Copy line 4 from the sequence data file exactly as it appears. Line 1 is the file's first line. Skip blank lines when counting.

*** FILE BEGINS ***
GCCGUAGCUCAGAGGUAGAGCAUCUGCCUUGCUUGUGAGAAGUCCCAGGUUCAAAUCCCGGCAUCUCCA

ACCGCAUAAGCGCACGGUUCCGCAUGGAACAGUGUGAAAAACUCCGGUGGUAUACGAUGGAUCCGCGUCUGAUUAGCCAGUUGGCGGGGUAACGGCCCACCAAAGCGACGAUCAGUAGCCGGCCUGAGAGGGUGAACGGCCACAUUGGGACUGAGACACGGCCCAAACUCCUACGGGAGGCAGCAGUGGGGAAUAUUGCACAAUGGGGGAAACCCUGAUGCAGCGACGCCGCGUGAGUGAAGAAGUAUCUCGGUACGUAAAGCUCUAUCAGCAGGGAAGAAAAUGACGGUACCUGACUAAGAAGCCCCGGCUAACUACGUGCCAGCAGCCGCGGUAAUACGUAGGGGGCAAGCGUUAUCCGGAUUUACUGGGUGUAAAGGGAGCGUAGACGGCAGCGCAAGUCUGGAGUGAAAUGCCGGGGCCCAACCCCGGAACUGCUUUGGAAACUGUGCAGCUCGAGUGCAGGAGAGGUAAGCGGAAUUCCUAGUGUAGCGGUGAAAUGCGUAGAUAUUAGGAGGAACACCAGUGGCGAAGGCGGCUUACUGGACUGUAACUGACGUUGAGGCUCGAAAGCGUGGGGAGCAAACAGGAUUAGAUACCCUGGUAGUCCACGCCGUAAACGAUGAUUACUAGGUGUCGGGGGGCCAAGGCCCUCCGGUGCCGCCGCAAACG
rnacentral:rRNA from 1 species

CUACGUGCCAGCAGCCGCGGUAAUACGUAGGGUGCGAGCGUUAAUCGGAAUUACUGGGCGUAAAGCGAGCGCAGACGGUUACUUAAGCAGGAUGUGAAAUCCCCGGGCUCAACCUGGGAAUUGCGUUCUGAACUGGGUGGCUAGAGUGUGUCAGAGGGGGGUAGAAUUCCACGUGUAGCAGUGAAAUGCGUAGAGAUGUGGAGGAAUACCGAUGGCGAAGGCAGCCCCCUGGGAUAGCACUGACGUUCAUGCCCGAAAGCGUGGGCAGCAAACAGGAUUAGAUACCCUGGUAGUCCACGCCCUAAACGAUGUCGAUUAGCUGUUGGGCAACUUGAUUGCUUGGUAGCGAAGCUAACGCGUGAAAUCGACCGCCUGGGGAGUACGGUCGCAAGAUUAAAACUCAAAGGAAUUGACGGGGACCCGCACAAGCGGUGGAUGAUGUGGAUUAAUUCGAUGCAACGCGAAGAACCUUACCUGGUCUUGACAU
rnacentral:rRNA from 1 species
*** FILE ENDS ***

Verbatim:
CUACGUGCCAGCAGCCGCGGUAAUACGUAGGGUGCGAGCGUUAAUCGGAAUUACUGGGCGUAAAGCGAGCGCAGACGGUUACUUAAGCAGGAUGUGAAAUCCCCGGGCUCAACCUGGGAAUUGCGUUCUGAACUGGGUGGCUAGAGUGUGUCAGAGGGGGGUAGAAUUCCACGUGUAGCAGUGAAAUGCGUAGAGAUGUGGAGGAAUACCGAUGGCGAAGGCAGCCCCCUGGGAUAGCACUGACGUUCAUGCCCGAAAGCGUGGGCAGCAAACAGGAUUAGAUACCCUGGUAGUCCACGCCCUAAACGAUGUCGAUUAGCUGUUGGGCAACUUGAUUGCUUGGUAGCGAAGCUAACGCGUGAAAUCGACCGCCUGGGGAGUACGGUCGCAAGAUUAAAACUCAAAGGAAUUGACGGGGACCCGCACAAGCGGUGGAUGAUGUGGAUUAAUUCGAUGCAACGCGAAGAACCUUACCUGGUCUUGACAU